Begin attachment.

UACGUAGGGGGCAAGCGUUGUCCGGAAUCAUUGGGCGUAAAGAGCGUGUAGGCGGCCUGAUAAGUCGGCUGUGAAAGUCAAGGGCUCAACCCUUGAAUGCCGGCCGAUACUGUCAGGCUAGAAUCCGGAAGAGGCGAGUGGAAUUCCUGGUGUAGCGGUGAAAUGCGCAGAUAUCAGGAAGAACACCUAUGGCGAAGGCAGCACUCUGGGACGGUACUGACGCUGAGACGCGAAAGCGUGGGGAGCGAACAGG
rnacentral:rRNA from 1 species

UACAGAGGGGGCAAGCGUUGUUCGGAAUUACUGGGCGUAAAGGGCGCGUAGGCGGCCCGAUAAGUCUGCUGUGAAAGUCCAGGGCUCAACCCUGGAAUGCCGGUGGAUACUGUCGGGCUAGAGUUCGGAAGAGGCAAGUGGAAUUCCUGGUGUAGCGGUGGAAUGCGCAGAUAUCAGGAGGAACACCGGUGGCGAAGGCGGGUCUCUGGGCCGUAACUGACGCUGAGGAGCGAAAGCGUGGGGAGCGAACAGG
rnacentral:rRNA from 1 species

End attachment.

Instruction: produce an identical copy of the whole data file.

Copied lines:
UACGUAGGGGGCAAGCGUUGUCCGGAAUCAUUGGGCGUAAAGAGCGUGUAGGCGGCCUGAUAAGUCGGCUGUGAAAGUCAAGGGCUCAACCCUUGAAUGCCGGCCGAUACUGUCAGGCUAGAAUCCGGAAGAGGCGAGUGGAAUUCCUGGUGUAGCGGUGAAAUGCGCAGAUAUCAGGAAGAACACCUAUGGCGAAGGCAGCACUCUGGGACGGUACUGACGCUGAGACGCGAAAGCGUGGGGAGCGAACAGG
rnacentral:rRNA from 1 species

UACAGAGGGGGCAAGCGUUGUUCGGAAUUACUGGGCGUAAAGGGCGCGUAGGCGGCCCGAUAAGUCUGCUGUGAAAGUCCAGGGCUCAACCCUGGAAUGCCGGUGGAUACUGUCGGGCUAGAGUUCGGAAGAGGCAAGUGGAAUUCCUGGUGUAGCGGUGGAAUGCGCAGAUAUCAGGAGGAACACCGGUGGCGAAGGCGGGUCUCUGGGCCGUAACUGACGCUGAGGAGCGAAAGCGUGGGGAGCGAACAGG
rnacentral:rRNA from 1 species